{"LocalUmbraContact2Date",loc}instant of last umbral contact with position loc
    {"LocalUmbraDuration",loc}duration between first and last umbral contacts
  • Time- and location-dependent properties include:
  • {"LocalMagnitude",date,loc}magnitude observed from loc at date
    {"LocalObscuration",date,loc}obscuration observed from loc at date
    {"SunApparentRadius",date,loc}angular apparent radius of the Sun
    {"MoonApparentRadius",date,loc}angular apparent radius of the Moon
    {"SunMoonSeparation",date,loc}angular separation between Sun and Moon
  • Properties related to Besselian elements include:
  • {"BesselianElementsCoefficients",date0}polynomial coefficients for the eight main Besselian elements with respect to the time origin date0
    "BesselianElementsCoefficients"polynomial coefficients for the automatically selected time origin
    {"BesselianElementsFunctions",date0}Besselian element functions of time in hours from date0
    "BesselianElementsFunctions"Besselian element functions for the automatic time origin
    {"BesselianElements",date}values of the eight main Besselian elements at date
    {"BesselianRotationMatrix",date}rotation matrix between the geodetic and Besselian frames
    {"SunXYZ",date}Besselian coordinates of the center of the Sun
    {"MoonXYZ",date}Besselian coordinates of the center of the Moon
    {"PenumbraVertexXYZ",date}Besselian coordinates of the penumbra vertex
    {"UmbraVertexXYZ",date}Besselian coordinates of the umbra vertex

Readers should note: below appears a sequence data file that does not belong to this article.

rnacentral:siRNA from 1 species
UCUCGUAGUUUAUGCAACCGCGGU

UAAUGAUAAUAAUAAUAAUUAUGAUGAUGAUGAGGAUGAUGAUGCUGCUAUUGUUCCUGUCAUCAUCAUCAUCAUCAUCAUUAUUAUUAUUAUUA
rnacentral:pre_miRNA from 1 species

{"AngularVelocityXYZ",date}Besselian coordinates of Earth's angular velocity vector
    {"ObserverXYZ",date,loc}Besselian coordinates of the observer at position loc
  • SolarEclipse[] is equivalent to SolarEclipse["MaximumEclipseDate"].
  • SolarEclipse can accept the following options:
  • TimeDirection 1whether to return the next or last solar eclipse
    EclipseType Automaticused to specify the type of solar eclipse
    TimeSystem Automatictime system to be used for output dates
    TimeZone $TimeZonetime zone to be used for output dates
  • Possible settings for TimeDirection include:
  • 1returns the next solar eclipse from the specified date
    -1returns the last solar eclipse from the specified date
  • Possible settings for EclipseType include:
  • Automaticreturns the next eclipse of any type
    "Annular"returns the next annular eclipse
    "Hybrid"returns the next hybrid eclipse
    "Partial"returns the next partial eclipse
    "Total"returns the next total eclipse